KAHULUI, MAUI (HawaiiNewsNow) -
Supporters of Maui County's GMO initiative found themselves trailing after the first couple of printouts, but in the end, they pulled off a surprising come-from-behind win. The final result was 51% in support and 49% against the temporary ban on the cultivation of genetically engineered organisms. Opponents are now preparing to take legal action.
Anti-GMO activists celebrated their victory over opponents who raised nearly $8 million. The measure requires an environmental and public health study that is paid for by those who want an exemption from the temporary moratorium.
"I believe that there is enough clarity in the law as written and in the decision by the people that the mayor can in fact enforce it," said Mark Sheehan of the SHAKA Movement.
Critics say more than 600 jobs could be in jeopardy. Molokai's unemployment rate is already the highest in the state at 15 percent.
"In places like Molokai, if Monsanto pulls out, we have no replacement," said Arakawa. "It's going to be a nightmare in this community."
Monsanto Hawaii is gearing up for a court battle, arguing that the initiative is legally flawed.
"We believe this referendum is invalid and contrary to long-established state and federal laws that support both the safety and lawful testing and planting of GMO plants," said John Purcell, vice president, Monsanto Hawaii Business and Technology Lead, in a statement released by the company.
A federal judge recently overturned Kauai County's new ordinance restricting pesticide use and GMO crops. Attorney Michael Lilly believes the Maui County initiative will meet the same fate."This area is pre-empted by state law, so a court is most likely going to overturn it for that reason," he said.
"The cases are actually very different, countered Ashley Lukens, program director for the Hawaii Center for Food Safety. "The Kauai ordinance focused on pesticide disclosure and the creation of buffer zones around schools and hospitals."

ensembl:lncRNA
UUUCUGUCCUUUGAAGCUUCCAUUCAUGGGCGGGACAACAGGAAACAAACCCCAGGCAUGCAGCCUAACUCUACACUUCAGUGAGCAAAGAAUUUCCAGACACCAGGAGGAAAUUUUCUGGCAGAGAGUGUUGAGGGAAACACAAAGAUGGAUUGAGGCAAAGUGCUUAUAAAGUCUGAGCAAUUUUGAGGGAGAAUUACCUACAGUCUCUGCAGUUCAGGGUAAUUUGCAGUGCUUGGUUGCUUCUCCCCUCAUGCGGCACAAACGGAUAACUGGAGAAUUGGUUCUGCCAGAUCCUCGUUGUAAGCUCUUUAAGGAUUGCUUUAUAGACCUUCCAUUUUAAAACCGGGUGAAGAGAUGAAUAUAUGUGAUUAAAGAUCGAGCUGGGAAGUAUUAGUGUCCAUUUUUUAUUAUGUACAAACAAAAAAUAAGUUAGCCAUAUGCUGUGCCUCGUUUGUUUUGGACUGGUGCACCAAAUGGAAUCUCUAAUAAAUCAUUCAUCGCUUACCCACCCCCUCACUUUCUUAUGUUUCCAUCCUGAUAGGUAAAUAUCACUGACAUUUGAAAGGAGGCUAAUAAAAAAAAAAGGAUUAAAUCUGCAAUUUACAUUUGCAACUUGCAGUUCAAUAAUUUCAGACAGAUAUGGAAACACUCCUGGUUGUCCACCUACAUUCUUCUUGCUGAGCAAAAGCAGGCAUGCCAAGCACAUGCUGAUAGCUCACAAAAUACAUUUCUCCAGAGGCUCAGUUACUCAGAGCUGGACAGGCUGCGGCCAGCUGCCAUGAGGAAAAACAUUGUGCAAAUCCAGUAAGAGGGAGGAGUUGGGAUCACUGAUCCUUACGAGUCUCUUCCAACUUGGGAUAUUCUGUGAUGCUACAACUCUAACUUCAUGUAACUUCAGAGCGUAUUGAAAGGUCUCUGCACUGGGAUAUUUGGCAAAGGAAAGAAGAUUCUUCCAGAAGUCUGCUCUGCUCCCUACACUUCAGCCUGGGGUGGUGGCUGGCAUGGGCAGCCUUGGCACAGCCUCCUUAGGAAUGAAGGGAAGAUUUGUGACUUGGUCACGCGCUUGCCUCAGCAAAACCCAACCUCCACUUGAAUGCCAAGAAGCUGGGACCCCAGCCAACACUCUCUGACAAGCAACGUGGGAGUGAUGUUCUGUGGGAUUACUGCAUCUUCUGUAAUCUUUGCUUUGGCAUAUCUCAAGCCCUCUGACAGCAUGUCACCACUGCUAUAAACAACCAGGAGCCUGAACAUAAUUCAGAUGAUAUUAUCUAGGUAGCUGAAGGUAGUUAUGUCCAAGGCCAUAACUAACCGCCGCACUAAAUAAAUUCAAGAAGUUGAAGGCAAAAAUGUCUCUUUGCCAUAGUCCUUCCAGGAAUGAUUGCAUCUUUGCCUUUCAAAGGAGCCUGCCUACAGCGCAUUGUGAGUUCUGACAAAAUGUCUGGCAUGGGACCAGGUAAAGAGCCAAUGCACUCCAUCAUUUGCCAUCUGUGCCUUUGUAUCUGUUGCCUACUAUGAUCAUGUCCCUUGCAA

"It is our intention to help defend the law if challenged, but it our hope that the industry will respect the will of Maui Citizens and perform this much needed assessment," said Andrew Kimbrell, the executive director for the national Center for Food Safety.
Lukens added, "I think that if they're willing to spend 18 million dollars nationwide to fight citizens' initiatives, they certainly have resources at their disposals to make sure that it can be done expediently."
Purcell said Monsanto plans to resume operations on Molokai on Thursday, after allowing worried workers to go home to their families on Wednesday. The measure does not apply to the growing or testing of genetically engineered organisms that are in mid-growth cycle. Maui County Mayor Alan Arakawa said the measure is poorly written and will be extremely difficult to enforce.
"We're also going to have to create 'papaya police' as they're talking about it, going through virtually everybody's backyard. As much as they say that's not going to happen, according to what I'm seeing in the bill, that has to happen," Arakawa said.
"Oh my God, the papaya police. He's done everything he can to kind of discourage people from doing this and despite all of his efforts to discourage people from voting yes on this they did in fact vote yes," responded Sheehan.
State Rep. Kaniela Ing (D-South Maui), who supported the measure, said court action may buy some time for workers who may lose their jobs.
"Lawsuits will inevitably ensue, probably starting today, and an injunction will be filed," said Ing. "There'll be time for these employees -- we can find them new work."\
The measure includes civil fines ranging from $10,000 to $50,000, as well as criminal penalties.